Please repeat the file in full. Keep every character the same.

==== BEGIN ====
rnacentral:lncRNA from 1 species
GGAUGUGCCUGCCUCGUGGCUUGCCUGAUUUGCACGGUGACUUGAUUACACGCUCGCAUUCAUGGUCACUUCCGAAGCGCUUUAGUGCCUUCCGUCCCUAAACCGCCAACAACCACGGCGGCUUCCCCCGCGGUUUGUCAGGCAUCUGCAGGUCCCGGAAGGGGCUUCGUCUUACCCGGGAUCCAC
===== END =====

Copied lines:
rnacentral:lncRNA from 1 species
GGAUGUGCCUGCCUCGUGGCUUGCCUGAUUUGCACGGUGACUUGAUUACACGCUCGCAUUCAUGGUCACUUCCGAAGCGCUUUAGUGCCUUCCGUCCCUAAACCGCCAACAACCACGGCGGCUUCCCCCGCGGUUUGUCAGGCAUCUGCAGGUCCCGGAAGGGGCUUCGUCUUACCCGGGAUCCAC